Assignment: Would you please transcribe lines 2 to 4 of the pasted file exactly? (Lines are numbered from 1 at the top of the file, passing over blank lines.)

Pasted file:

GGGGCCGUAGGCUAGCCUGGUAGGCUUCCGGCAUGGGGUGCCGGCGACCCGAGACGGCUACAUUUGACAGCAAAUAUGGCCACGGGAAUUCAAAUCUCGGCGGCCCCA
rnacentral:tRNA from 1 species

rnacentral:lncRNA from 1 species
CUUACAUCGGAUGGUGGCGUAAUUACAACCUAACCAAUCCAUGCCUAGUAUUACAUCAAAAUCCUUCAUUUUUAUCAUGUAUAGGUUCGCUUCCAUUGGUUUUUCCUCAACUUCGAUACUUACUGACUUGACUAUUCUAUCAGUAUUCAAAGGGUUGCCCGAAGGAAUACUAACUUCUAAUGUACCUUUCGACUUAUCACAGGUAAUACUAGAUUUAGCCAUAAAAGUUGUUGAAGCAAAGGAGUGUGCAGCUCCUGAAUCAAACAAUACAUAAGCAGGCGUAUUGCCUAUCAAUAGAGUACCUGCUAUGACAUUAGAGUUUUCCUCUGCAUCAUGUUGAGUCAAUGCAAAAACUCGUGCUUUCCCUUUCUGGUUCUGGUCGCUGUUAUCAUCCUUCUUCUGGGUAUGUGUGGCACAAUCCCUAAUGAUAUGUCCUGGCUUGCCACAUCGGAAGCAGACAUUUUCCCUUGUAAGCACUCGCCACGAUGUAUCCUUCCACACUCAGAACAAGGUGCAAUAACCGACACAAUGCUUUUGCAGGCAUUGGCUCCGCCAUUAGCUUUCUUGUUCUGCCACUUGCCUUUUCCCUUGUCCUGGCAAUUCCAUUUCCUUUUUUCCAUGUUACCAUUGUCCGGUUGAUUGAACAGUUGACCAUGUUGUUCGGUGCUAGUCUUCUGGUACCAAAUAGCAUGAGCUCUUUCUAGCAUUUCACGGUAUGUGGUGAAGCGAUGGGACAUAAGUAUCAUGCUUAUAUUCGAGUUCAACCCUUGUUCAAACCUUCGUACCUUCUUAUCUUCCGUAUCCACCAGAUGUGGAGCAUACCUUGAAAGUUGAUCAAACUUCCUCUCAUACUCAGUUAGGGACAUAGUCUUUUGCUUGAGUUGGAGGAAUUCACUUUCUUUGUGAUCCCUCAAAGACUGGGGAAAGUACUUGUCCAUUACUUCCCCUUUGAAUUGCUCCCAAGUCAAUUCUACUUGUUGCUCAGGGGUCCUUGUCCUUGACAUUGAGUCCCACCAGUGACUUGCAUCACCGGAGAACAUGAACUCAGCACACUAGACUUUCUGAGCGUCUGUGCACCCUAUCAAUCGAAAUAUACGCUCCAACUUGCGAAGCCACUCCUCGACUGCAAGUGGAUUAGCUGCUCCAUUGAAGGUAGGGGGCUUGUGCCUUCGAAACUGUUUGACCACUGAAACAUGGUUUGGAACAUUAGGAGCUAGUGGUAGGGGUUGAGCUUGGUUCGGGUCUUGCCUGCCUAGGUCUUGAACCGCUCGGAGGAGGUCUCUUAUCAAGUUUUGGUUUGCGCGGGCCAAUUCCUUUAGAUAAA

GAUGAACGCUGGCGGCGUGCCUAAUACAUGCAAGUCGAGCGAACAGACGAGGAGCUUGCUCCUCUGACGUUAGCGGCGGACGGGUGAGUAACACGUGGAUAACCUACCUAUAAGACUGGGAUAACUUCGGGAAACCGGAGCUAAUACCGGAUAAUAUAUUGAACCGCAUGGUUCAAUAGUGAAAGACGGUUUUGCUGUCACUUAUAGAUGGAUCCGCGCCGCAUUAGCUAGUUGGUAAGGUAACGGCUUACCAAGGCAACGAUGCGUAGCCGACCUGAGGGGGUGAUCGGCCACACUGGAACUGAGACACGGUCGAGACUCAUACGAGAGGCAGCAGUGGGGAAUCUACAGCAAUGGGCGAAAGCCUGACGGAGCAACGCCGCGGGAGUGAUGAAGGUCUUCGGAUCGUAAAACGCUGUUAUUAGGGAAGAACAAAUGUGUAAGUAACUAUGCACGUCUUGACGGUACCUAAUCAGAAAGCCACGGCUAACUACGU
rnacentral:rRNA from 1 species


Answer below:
rnacentral:tRNA from 1 species

rnacentral:lncRNA from 1 species
CUUACAUCGGAUGGUGGCGUAAUUACAACCUAACCAAUCCAUGCCUAGUAUUACAUCAAAAUCCUUCAUUUUUAUCAUGUAUAGGUUCGCUUCCAUUGGUUUUUCCUCAACUUCGAUACUUACUGACUUGACUAUUCUAUCAGUAUUCAAAGGGUUGCCCGAAGGAAUACUAACUUCUAAUGUACCUUUCGACUUAUCACAGGUAAUACUAGAUUUAGCCAUAAAAGUUGUUGAAGCAAAGGAGUGUGCAGCUCCUGAAUCAAACAAUACAUAAGCAGGCGUAUUGCCUAUCAAUAGAGUACCUGCUAUGACAUUAGAGUUUUCCUCUGCAUCAUGUUGAGUCAAUGCAAAAACUCGUGCUUUCCCUUUCUGGUUCUGGUCGCUGUUAUCAUCCUUCUUCUGGGUAUGUGUGGCACAAUCCCUAAUGAUAUGUCCUGGCUUGCCACAUCGGAAGCAGACAUUUUCCCUUGUAAGCACUCGCCACGAUGUAUCCUUCCACACUCAGAACAAGGUGCAAUAACCGACACAAUGCUUUUGCAGGCAUUGGCUCCGCCAUUAGCUUUCUUGUUCUGCCACUUGCCUUUUCCCUUGUCCUGGCAAUUCCAUUUCCUUUUUUCCAUGUUACCAUUGUCCGGUUGAUUGAACAGUUGACCAUGUUGUUCGGUGCUAGUCUUCUGGUACCAAAUAGCAUGAGCUCUUUCUAGCAUUUCACGGUAUGUGGUGAAGCGAUGGGACAUAAGUAUCAUGCUUAUAUUCGAGUUCAACCCUUGUUCAAACCUUCGUACCUUCUUAUCUUCCGUAUCCACCAGAUGUGGAGCAUACCUUGAAAGUUGAUCAAACUUCCUCUCAUACUCAGUUAGGGACAUAGUCUUUUGCUUGAGUUGGAGGAAUUCACUUUCUUUGUGAUCCCUCAAAGACUGGGGAAAGUACUUGUCCAUUACUUCCCCUUUGAAUUGCUCCCAAGUCAAUUCUACUUGUUGCUCAGGGGUCCUUGUCCUUGACAUUGAGUCCCACCAGUGACUUGCAUCACCGGAGAACAUGAACUCAGCACACUAGACUUUCUGAGCGUCUGUGCACCCUAUCAAUCGAAAUAUACGCUCCAACUUGCGAAGCCACUCCUCGACUGCAAGUGGAUUAGCUGCUCCAUUGAAGGUAGGGGGCUUGUGCCUUCGAAACUGUUUGACCACUGAAACAUGGUUUGGAACAUUAGGAGCUAGUGGUAGGGGUUGAGCUUGGUUCGGGUCUUGCCUGCCUAGGUCUUGAACCGCUCGGAGGAGGUCUCUUAUCAAGUUUUGGUUUGCGCGGGCCAAUUCCUUUAGAUAAA